How I Met Your Mother - Season 5 - Review


How I Met Your Mother - Season 5

How I Met Your Mother - Season 5 - Review

Season five returns with a greater comeback after season four. With surprisingly bigger issues than its predecessor; the storyline and writing return to its initial absorbing nature.

Where season four lacked in 100% interest, season five compensates for that. A MAJOR theme in this season is changing. Change from routine, change of nature, change of behavior, and even change in relationships.

A cool thing that the writers do throughout How I Met Your Mother, is how they create contrasting plots throughout, which makes it more hilarious than if left alone. As much as they portray change, they also portray that even though we can change in many ways, we can remain stagnant in one area.

For instance, (spoiler alert), when Ted meets a woman he goes on a blind date with and turns out that he had gone out with her before a few years earlier, we realize the contrast between the fact that Ted had grown so much, yet remains to be the same person on the inside.


Another way they show change is through Robin’s character. Given that this season becomes more Robin and Barney centric as opposed to previous seasons, we see how their relationship has changed both characters drastically.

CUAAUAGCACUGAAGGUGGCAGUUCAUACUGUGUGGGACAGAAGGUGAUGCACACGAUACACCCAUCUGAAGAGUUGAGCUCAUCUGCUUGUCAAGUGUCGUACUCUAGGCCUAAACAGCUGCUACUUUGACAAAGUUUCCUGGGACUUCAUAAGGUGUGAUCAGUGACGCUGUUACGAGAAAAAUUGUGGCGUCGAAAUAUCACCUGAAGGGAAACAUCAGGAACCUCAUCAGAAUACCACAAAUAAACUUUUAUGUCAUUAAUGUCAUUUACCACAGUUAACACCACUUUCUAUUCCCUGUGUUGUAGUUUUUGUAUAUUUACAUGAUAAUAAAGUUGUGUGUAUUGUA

For starters, given that we see how Barney has a playboy personality, as they get together and start dating, we see how Robin starts to get extremely jealous when she does not know where he goes at night. That was written very well as it is true that we can get out of our normal habits when we’re with someone who we aren’t completely in sync with.

Throughout the show, the viewers feel that Robin and Barney would actually be a great fit, but we see how they were extremely toxic for one another. With this, the way this was shown was too comical (not in an actually funny way), and extremely rushed.

They showed how Barney got extremely overweight and Robin stopped taking care of herself just because they got “too comfortable” in a toxic relationship. When they ended up breaking up, they reverted back to their natural selves in a matter of minutes in the show.

This didn’t feel at all relatable nor funny, to say the least. Again, the writers probably thought that they had to make the show light, but standards such as sudden change seem unattainable.

With that said, this only issue spanned in a matter of an episode and a half, yet the rest of the show was definitely better and more interesting than season four – overall 8.5/10.


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Updated 9 months ago